They said nothing, but the ocean spoke for them in softly crushing waves a mere hundred feet away. The old man sipped his tea. His assistant kept one hand on a stack of Cedis to keep the wind from blowing them away. Throughout, the chatter of the border crossing kept their minds adrift. Dublin felt a depth of silence from the bar he had visited, counteracted by occasions of raised voices from Customs. The sun moved slowly over them as if aware of the quiet of their content.
“What time is it?” Dublin asked after some time.
“Near four.” Dublin tightened the corners of his lips. “Not time to give up yet,” the moneychanger added.
“Maybe not, but I get the sense that nothing is going to happen today.”
“I do not.”
“Really? You think he’ll come?”
“I haven’t any idea. But, young one, something happens everyday. God does not sleep.”
“No, I know. I mean, every day leads us to the next, and even little events, you know, how they say that a butterfly flapping its wings in Japan can cause a thunderstorm in Canada?”
“I’m afraid I don’t follow.”
“Just that any small event can cause another, big or little. I’m saying that every day counts, whether it feels like it or not.”
“I’m simply making the point that God has a plan, and when people complain about the evil we face, they forget that. In good times, everyone says that God has done well, but they do not pray. When things go bad, they ask God for change.”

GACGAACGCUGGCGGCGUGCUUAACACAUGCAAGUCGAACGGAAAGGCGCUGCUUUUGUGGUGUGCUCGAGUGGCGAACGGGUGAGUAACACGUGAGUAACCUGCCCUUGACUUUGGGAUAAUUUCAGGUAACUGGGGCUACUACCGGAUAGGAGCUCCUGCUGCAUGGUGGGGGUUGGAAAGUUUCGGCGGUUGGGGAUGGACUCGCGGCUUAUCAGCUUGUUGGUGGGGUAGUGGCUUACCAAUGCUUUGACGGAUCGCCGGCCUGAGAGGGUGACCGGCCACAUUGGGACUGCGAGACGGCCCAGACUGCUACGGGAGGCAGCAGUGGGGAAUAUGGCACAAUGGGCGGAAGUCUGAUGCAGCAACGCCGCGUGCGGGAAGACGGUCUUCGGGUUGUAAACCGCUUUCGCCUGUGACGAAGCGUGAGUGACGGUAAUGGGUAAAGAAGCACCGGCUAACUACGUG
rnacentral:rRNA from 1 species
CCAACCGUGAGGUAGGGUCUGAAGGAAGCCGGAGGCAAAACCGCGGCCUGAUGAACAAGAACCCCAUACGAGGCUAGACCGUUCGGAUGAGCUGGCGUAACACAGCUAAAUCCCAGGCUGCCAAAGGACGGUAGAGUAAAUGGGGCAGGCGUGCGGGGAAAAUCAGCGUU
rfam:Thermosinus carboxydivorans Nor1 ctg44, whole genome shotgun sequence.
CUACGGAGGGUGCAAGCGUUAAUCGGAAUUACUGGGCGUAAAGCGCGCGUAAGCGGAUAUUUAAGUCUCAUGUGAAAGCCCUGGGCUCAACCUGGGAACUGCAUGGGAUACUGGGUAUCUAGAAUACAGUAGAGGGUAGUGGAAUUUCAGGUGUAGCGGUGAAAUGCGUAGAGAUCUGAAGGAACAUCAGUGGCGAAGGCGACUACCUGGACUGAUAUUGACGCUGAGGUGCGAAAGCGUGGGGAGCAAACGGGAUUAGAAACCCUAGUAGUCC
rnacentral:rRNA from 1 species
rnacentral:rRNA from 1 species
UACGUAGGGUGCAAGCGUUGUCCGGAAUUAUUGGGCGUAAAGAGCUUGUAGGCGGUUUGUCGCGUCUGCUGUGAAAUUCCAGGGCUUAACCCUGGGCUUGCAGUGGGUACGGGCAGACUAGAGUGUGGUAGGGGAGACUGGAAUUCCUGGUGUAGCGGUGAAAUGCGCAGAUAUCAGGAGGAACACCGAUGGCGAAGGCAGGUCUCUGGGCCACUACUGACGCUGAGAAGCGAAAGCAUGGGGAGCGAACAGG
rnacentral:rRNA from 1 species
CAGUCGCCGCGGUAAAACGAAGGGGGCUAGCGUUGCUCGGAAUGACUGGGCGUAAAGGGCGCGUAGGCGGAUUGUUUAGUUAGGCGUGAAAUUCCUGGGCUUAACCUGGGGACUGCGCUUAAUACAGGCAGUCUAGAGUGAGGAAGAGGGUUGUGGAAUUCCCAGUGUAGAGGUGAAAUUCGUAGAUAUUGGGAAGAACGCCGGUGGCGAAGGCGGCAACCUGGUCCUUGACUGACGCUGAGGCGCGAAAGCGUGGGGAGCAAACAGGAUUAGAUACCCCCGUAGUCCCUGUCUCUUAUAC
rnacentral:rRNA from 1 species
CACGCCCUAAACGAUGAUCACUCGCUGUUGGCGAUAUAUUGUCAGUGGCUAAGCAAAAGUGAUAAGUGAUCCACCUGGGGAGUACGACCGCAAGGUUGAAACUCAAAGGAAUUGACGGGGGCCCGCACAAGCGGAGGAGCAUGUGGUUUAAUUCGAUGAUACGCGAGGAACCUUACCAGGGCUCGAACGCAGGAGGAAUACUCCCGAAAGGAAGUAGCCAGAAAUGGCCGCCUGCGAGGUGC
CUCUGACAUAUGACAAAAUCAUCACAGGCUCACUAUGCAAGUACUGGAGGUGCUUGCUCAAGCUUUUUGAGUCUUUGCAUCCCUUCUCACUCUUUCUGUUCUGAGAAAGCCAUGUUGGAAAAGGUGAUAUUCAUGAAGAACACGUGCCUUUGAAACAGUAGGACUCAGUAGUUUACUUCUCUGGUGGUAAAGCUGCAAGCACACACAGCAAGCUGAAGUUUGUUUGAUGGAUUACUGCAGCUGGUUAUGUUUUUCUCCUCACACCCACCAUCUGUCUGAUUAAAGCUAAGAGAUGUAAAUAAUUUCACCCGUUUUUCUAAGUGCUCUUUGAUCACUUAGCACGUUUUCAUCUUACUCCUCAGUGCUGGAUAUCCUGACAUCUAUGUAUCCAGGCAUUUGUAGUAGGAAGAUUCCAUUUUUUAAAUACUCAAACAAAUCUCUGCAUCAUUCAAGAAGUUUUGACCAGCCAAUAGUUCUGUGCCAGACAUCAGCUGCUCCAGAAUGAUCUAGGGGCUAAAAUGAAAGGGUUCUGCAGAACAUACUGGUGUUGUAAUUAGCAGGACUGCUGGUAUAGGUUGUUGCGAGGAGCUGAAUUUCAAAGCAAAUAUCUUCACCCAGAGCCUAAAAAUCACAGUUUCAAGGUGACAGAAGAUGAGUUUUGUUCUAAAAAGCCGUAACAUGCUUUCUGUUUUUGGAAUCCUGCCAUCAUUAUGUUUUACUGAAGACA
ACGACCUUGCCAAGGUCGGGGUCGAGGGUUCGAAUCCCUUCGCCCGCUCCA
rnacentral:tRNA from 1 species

“A vote of no confidence,” his apprentice added, the first thing he’d said all day. The moneychanger nodded.
“So, do you talk to God?”
“Well, no. I mean, in my own way.”
The moneychanger laughed. “In your own way? There is no way to talk to God but his way.” He stopped laughing. “I don’t mean to proselytize, my friend, but acting within the will of God often produces positive results.”
“Well, it’s not that I don’t believe in God. I just don’t talk to him.”
“Then what good is your belief? If you have a wife, it would benefit you to tell her you love her.”
“Yes, I understand. I’ve seen God; I’ve seen his face. I asked for proof and he delivered. So what can I say? I don’t act as a believer, but I know he exists. Maybe the only way to truth is by leaving all your doors open.”
“Don’t you think that should change?”
“I guess so. I don’t know. I look at it like this. I know that my life is intended for good, and that I have a purpose, to spread information and encourage people to love well and treat each other well, and advance the species, so to speak. I’m doing all the work he’d want me to do, I just don’t talk to him about it. I guess I figured that would be OK.”
“Perhaps. He is proud of you and your accomplishment, but he probably misses you. Something to think about.”
Dublin lit a cigarette. The sun smiled above them and moved on.
A faint smile came over the dark, dry lips of the moneychanger, as song leaped from the mosque behind them into the cooling air of the evening. Many of the men lining the street rolled out mats and knelt down. Dublin put out his cigarette out of respect and stood back. He felt like an invasion. Watching the men brought him peace, and for a moment he forgot about Curran coming. He imagined that the man calling prayers never left the mosque, that his life was exquisite in its holiness. He watched for another moment before leaving, a smile still painted over him.
His feet sank into the street, and sand found its way under his heels. God is great rocked gently back and forth in his ears. A blackbird swooped in behind him and hopped around his footsteps to see what he had uncovered.